The "Make a Difference" campaign was a partnership with Walgreens that raised more than $223,000 for Moffitt Diversity. During the "Make a Difference" campaign, Walgreens customers purchased and signed $1 and $5 "Make A Difference" circles in stores to benefit outreach programs at Moffitt. The campaign  took place in nearly 300 stores throughout the West Coast of Florida and in south Georgia during June. Some stores went the extra mile by holding community fundraisers where Walgreens associates washed cars, held bake sales and collected donations from customers. The month-long initiative focused on early detection and prevention, as certain populations have a higher risk for cancer. Moffitt programs to address these issues have experienced dwindling funds.
Michelle Obama Teams With Goya Foods to Bring 'Mi Plato' to Hispanic Families


Nikki & Michelle Obama
Nikki & Michelle Obama

Michelle Obama was in Tampa on Thursday, January 27th, to promote healthy eating in the Hispanic/Latino community. Goya Foods is partnering with First Lady Obama to promote a program called Mi Plato (my plate).  This program is being used as a tool to encourage Hispanic families to make healthy food choices and serve foods in appropriate portions.


Our very own Nikki Ross-Inda was invited to the public event and was able to get this wonderful photo with the First Lady. Congratulations Nikki and we hope to see Moffitt Healthy Kidz as a national partner with this health campaign!!!


Participate in an Evaluation Research Study

The Witness Project® of Tampa Bay, a national outreach program developed to increase awareness, knowledge, access to screening, and early detection of breast and cervical caner in the Black and African American communities, is conducting an evaluation research study, and needs your help!
 Click on the flyer for more information.

Moffitt Supporters Carry Message of Hope to State Leaders

Moffitt Cancer Center Day in the Florida State Capitol, held Jan. 18, 2012, successfully focused statewide attention on the critical need for state funding of Moffitt's cancer research, treatment and education efforts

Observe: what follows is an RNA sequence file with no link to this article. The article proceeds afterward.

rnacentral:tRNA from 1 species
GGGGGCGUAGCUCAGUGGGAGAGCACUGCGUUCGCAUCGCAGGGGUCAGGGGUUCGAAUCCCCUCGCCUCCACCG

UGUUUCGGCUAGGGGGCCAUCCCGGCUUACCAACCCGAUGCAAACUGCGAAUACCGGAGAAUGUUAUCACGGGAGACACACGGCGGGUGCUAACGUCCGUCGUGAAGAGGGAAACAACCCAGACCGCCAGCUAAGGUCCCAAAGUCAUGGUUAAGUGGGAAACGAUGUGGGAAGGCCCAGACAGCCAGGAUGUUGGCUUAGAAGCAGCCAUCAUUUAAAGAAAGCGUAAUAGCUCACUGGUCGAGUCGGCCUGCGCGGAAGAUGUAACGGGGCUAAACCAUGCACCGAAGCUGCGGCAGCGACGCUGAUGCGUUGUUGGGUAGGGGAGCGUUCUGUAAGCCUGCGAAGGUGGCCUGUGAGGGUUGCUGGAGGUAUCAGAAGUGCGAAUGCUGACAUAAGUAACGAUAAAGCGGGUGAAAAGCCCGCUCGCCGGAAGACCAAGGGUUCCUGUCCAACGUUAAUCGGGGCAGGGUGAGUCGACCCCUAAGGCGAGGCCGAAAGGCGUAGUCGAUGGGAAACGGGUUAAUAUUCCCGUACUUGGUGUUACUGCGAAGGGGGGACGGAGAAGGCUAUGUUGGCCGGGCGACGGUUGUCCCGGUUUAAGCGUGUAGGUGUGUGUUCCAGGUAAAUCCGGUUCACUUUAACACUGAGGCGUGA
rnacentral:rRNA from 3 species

This year's sixth annual Moffitt Day event was bigger and bolder than ever before,
Moffitt Day, ACS Rally 2012
Video of Moffitt Day
ACS Rally 2012
involving nearly 100 Moffitt supporters, including grassroots advocates from 10 Florida counties, clinicians and staff from several Moffitt departments, and 12 intrepid volunteers who journeyed 300 miles on bicycles from Tampa to
Tallahassee to raise awareness for our cause.
Moffitt Day 2012 included meetings with more than 80 state legislators by members of the Speak Out for Moffitt coalition who traveled to the Capitol by bus, as well as, Moffitt exhibits in the Capitol Rotunda, and Courtyard and an evening reception at the Capitol.
Adding to the excitement again was the arrival of the cyclists from Cure on Wheels, which raises funds to combat cancer through cycling events held throughout the year. As the cyclists raced across the finish line at the steps of Florida's Historic Capitol, they received a hero's welcome from Moffitt CEO Dr. William Dalton, Cancer Center founder H. Lee Moffitt, and hundreds of cheering cancer survivors from Moffitt and the American Cancer Society's Cancer Action Network.


Click here for more information.

How You Can Help
To support Moffitt's effort to reduce cancer health disparities through research, education and awareness, please consider a contribution to the Cancer Health Disparities Fund at the Moffitt Foundation or a contribution to the Moffitt Diversity Fund to support our outreach programs which will help us continue the message of prevention and early saves lives.
More information is available at, or




Moffitt Diversity